Pro Tips from DP Jon Brysh
Making a high quality video for your organization or business is a vital part of marketing and communications these days. So how do you get started? Jon Brysh, the director of photography for many 1623 Studio productions, says that getting a team together for the video project is the most important first step. “It’s undervalued,” Brysh says. “When the idea is there and the project is given the okay to move forward, that’s the time to gather a team and start the process.”
Brysh recommends getting people in a room to discuss ideas and recording these ideas on paper or a white board. “You don’t have to walk out of that meeting with this super concrete structured workflow. Rather, it’s important for people to be physically in a room together bouncing around ideas and being creative.”
Brysh suggests seeking out a video production group to work with if you are looking for a professional video. The next step is getting three key players for the project identified: a director, producer, and a director of photography. “The key players will get a project off the ground and running. A director is the leader of the vision and the person who says yes or no. You need someone making decisions and signing off,” says Brysh. Once a project gets going, Brysh notes, a director is critical to a successful project. The director is a creative lead as well as decision maker and often is a person in charge of the project.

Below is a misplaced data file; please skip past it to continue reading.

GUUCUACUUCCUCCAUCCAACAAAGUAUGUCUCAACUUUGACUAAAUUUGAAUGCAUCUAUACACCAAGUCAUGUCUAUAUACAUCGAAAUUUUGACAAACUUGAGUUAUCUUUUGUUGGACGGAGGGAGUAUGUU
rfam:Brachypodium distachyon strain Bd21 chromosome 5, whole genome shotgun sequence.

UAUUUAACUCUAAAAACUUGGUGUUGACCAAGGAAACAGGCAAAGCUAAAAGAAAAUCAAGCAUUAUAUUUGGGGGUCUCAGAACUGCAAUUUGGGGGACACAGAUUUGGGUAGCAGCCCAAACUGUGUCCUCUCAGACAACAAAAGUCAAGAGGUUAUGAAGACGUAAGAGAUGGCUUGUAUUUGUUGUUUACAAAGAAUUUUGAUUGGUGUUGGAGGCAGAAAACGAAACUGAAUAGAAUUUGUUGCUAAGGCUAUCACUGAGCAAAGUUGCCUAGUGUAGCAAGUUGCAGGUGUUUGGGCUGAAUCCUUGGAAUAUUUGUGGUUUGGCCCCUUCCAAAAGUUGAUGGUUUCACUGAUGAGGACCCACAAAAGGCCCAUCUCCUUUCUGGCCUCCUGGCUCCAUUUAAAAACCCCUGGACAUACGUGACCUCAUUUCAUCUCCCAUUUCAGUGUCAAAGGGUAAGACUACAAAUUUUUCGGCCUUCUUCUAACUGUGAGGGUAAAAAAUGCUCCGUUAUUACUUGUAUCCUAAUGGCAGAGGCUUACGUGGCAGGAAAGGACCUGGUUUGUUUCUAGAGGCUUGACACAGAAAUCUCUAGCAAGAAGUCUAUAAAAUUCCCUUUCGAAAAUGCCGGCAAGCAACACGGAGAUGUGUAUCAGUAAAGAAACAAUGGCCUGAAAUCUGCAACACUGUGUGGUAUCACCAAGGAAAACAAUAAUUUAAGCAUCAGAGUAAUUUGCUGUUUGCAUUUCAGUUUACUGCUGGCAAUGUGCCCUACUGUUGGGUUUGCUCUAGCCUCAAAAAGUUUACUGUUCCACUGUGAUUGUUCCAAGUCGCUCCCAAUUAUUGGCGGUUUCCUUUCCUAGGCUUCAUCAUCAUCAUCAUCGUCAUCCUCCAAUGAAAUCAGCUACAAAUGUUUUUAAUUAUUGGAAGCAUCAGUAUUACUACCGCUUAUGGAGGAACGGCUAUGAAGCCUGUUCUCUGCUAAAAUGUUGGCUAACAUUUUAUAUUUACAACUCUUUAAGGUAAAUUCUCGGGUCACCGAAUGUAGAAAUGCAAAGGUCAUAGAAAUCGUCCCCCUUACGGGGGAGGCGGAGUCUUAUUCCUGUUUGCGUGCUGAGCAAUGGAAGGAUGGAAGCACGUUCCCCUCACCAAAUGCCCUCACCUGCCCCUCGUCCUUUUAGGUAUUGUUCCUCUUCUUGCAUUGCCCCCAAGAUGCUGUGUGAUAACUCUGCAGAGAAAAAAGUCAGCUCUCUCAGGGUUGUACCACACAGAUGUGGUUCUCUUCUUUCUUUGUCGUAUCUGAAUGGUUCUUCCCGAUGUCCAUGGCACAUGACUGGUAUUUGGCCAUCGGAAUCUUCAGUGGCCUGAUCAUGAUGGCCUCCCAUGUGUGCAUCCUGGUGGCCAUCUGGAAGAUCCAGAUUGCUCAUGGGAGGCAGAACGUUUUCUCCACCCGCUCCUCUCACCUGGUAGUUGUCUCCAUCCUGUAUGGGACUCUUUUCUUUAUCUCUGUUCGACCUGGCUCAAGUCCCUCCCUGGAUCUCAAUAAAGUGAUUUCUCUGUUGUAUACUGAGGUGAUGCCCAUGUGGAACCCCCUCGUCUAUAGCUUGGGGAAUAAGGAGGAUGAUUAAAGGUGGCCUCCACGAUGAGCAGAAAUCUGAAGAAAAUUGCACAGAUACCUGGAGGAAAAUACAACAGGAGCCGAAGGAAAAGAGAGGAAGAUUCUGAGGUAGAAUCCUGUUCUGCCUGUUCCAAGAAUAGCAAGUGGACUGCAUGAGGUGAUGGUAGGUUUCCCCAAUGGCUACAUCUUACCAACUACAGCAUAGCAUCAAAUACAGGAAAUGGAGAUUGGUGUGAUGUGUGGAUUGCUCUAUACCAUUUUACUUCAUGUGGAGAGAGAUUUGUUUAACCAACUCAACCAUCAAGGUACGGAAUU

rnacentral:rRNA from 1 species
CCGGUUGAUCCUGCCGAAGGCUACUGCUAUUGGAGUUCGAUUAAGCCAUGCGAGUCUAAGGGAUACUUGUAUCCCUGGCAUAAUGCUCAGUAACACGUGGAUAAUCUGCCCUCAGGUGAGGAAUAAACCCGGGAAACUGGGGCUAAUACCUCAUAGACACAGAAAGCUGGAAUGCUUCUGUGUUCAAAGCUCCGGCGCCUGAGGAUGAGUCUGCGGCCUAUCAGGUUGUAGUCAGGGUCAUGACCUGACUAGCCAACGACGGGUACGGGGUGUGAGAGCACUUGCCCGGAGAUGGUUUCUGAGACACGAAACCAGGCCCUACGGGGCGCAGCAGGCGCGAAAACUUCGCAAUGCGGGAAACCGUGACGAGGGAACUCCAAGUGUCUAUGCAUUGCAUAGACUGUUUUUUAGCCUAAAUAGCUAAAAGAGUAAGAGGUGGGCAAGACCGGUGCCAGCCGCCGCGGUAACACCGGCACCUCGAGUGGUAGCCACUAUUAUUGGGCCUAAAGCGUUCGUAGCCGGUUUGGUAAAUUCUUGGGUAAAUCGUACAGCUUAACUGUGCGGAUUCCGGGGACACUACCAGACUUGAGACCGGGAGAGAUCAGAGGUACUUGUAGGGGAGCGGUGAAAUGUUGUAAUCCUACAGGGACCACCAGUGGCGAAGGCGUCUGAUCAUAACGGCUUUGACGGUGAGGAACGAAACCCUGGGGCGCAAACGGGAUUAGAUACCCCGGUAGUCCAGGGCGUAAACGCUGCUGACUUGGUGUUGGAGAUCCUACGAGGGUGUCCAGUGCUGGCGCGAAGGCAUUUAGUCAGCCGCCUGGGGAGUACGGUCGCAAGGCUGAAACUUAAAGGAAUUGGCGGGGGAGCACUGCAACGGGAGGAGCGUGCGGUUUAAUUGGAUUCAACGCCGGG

The second person is a producer. “This is the person working behind the scenes, finding locations, talking with the director, and being the go-between with the director of photography,” says Brysh. “The producer makes everything happen. Producers know how to ask questions and who the right people are to answer them. They create the to-do lists, ask the DP about scheduling, and the approach to visuals.” The producer’s role is interactive and based on communication with all parties so that questions get resolved, the project gets revised, and the entire process moves forward.
The third person is finding and engaging a director of photography. “The DP is responsible for the technical and visual side of the project,” says Brysh. “The DP coordinates the visual ideas and the vision of the project with the technical needs and executes these through video all while working within the project’s budget.” The DP offers options if things get stuck, or budgets change, and directs the storytelling aspect of the project. Bringing on a DP for a video project is a game-changer. “While the director and producer can be the same person on a project, the DP heads up the technical side. I can tell you from experience that having these roles filled for a video project will get it lifted off in a good direction. Clients are much happier in the end.”